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Weekly sleep trajectories and their associations with obesity and hypertension in the Hispanic/Latino population.

TitleWeekly sleep trajectories and their associations with obesity and hypertension in the Hispanic/Latino population.
Publication TypePublication
Year2018
AuthorsChen J, Patel SR, Redline S, Durazo-Arvizu R, Garside DB, Reid KJ, Lash J, Sotres-Alvarez D, Gallo LC, Petrov ME, Perreira KM, Talavera GA, Ramos AR, Zee P, Daviglus ML
JournalSleep
Volume41
Issue10
Date Published2018 10 01
ISSN1550-9109
Keywordsactigraphy, Adolescent, Adult, Female, Hispanic Americans, Humans, Hypertension, Male, Middle Aged, Obesity, Odds Ratio, sleep, Young Adult
Abstract

Study Objectives: To identify weekly sleep trajectories (sleep pattern changing by day over a course of week) of specific characteristics and examine the associations between trajectory classes and obesity and hypertension.Methods: A total of 2043 participants (mean age 46.9, 65.5% female) completed at least 7 days of actigraphy aged 18-64 from the Sueño ancillary study of the Hispanic Community Health Study/Study of Latinos (HCHS/SOL). Weekly sleep trajectories for three daily level measures (wake after sleep onset [WASO], daytime napping duration, and intranight instability index) were identified using latent class growth models. The outcomes were obesity and hypertension.Results: Using the trajectory with low-stable WASO as reference, the trajectory classes with increasing and high-concave patterns had significantly higher odds for obesity (OR 3.64 [1.23-10.84]) and hypertension (OR 5.25 [1.33, 20.82]), respectively. Compared with individuals with a low-stable napping duration trajectory, those with the high-concave pattern class were associated with hypertension (OR 2.27 [1.10-4.67]), and the association was mediated in part by obesity (OR 1.11 [1.00-1.22]). Individuals in the high intranight instability index trajectory had significantly larger likelihood for both obesity (OR 1.90 [1.26-2.86]) and hypertension (OR 1.86 [1.13-3.06]) compared with those in the low intranight instability index trajectory.Conclusions: Weekly trajectories varied for WASO, daytime napping duration, and intranight instability index. The trajectories with relatively larger values for these three measures were associated with greater risk for obesity and hypertension. These findings suggest that a stable pattern with relatively small weekly and nightly variability may be beneficial for cardiovascular health.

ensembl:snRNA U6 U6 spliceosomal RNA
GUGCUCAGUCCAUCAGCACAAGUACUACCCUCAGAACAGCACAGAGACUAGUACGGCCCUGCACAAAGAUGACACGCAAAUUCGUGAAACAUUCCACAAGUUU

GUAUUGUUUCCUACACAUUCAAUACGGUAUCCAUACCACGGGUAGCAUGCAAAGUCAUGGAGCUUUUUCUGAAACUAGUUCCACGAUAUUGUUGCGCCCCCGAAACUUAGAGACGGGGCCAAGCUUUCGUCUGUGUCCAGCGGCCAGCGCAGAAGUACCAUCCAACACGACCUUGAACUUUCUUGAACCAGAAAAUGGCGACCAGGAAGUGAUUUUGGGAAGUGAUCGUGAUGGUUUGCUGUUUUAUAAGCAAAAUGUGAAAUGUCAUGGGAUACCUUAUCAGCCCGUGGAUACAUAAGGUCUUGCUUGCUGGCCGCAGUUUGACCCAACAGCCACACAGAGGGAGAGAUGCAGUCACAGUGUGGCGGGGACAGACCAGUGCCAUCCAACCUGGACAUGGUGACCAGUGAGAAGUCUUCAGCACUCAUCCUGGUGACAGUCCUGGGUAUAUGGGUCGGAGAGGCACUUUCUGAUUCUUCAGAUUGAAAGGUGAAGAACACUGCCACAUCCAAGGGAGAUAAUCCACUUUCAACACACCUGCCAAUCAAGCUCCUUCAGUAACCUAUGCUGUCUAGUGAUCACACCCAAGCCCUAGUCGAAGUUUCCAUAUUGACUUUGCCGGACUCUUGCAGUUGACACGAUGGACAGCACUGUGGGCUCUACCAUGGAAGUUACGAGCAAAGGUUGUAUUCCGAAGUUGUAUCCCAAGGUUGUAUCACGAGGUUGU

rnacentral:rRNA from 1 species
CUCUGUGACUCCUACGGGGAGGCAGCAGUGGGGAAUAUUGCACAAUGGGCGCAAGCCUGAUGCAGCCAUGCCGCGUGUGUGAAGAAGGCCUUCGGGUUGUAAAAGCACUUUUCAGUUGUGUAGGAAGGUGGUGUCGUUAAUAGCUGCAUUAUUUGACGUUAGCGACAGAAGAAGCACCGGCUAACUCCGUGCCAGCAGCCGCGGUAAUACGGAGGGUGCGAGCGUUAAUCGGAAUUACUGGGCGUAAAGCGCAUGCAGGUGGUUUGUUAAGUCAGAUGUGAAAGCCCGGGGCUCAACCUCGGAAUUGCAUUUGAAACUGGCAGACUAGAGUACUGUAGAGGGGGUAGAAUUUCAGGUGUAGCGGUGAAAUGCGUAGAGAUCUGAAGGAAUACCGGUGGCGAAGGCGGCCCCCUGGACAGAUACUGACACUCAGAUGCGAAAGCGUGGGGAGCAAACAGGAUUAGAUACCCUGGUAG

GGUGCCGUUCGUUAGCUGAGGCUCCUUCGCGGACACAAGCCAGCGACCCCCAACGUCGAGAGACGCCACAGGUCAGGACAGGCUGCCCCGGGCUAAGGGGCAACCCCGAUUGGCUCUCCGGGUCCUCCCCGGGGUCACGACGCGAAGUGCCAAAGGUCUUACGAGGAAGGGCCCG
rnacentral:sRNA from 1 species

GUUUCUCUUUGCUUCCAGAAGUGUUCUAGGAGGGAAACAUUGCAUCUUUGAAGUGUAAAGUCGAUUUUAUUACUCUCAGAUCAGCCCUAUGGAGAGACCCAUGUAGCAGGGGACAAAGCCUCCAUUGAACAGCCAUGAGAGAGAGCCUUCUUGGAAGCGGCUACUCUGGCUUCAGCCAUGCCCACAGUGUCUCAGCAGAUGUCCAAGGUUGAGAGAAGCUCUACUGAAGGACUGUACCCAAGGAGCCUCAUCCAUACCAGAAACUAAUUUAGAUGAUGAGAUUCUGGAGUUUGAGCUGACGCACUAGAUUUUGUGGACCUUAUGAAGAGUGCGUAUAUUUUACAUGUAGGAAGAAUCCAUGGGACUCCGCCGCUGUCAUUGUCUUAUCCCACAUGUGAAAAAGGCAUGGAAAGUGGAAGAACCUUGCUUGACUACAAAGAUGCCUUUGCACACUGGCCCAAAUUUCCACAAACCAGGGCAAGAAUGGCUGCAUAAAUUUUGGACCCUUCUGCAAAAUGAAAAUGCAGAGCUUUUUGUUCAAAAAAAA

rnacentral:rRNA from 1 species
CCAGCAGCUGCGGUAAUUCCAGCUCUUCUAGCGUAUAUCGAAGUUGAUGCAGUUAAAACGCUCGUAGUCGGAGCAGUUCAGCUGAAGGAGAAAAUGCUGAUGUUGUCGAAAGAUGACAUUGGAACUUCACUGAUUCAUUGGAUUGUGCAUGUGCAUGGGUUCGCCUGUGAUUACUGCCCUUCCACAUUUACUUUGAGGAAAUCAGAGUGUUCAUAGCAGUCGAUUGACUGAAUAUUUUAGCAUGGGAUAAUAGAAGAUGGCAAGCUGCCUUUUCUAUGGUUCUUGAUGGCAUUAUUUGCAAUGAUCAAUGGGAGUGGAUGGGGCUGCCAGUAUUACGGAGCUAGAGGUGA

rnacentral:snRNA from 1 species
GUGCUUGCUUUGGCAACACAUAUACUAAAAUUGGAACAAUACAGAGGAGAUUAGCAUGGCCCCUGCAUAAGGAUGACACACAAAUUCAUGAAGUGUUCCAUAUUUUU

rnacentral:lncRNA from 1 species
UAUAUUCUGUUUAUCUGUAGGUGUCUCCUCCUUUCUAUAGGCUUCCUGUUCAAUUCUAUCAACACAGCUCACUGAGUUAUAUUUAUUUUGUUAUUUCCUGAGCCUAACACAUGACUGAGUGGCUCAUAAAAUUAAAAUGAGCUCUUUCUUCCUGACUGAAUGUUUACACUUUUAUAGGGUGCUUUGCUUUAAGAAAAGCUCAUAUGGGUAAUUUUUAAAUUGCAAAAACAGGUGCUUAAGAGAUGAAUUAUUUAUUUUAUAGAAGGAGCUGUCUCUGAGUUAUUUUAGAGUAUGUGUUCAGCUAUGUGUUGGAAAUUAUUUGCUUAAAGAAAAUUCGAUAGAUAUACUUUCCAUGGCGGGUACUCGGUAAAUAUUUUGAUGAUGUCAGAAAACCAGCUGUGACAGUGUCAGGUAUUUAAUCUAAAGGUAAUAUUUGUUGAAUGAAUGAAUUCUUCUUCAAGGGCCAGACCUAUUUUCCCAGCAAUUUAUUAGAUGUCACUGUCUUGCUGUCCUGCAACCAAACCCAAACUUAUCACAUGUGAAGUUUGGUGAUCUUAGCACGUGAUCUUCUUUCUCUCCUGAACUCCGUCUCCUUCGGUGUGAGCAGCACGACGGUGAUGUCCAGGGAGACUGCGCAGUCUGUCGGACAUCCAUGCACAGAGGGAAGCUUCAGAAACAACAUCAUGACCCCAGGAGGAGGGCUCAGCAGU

DOI10.1093/sleep/zsy150
Alternate JournalSleep
PubMed ID30053253
PubMed Central IDPMC6187108
Grant ListK24 HL127307 / HL / NHLBI NIH HHS / United States
N01HC65236 / NHLBI NIH HHS / National Heart, Lung, and Blood Institute / United States
P30 DK111022 / DK / NIDDK NIH HHS / United States
N01HC65233 / NHLBI NIH HHS / National Heart, Lung, and Blood Institute / United States
N01HC65235 / NHLBI NIH HHS / National Heart, Lung, and Blood Institute / United States
N01HC65234 / NHLBI NIH HHS / National Heart, Lung, and Blood Institute / United States
N01HC65237 / NHLBI NIH HHS / National Heart, Lung, and Blood Institute / United States
P2C HD050924 / HD / NICHD NIH HHS / United States
R01 HL098297 / HL / NHLBI NIH HHS / United States
MS#: 
0500
Manuscript Lead/Corresponding Author Affiliation: 
Field Center: Chicago (University of Illinois at Chicago)
ECI: 
Manuscript Affiliation: 
Field Center: Chicago (University of Illinois at Chicago)
Manuscript Status: 
Published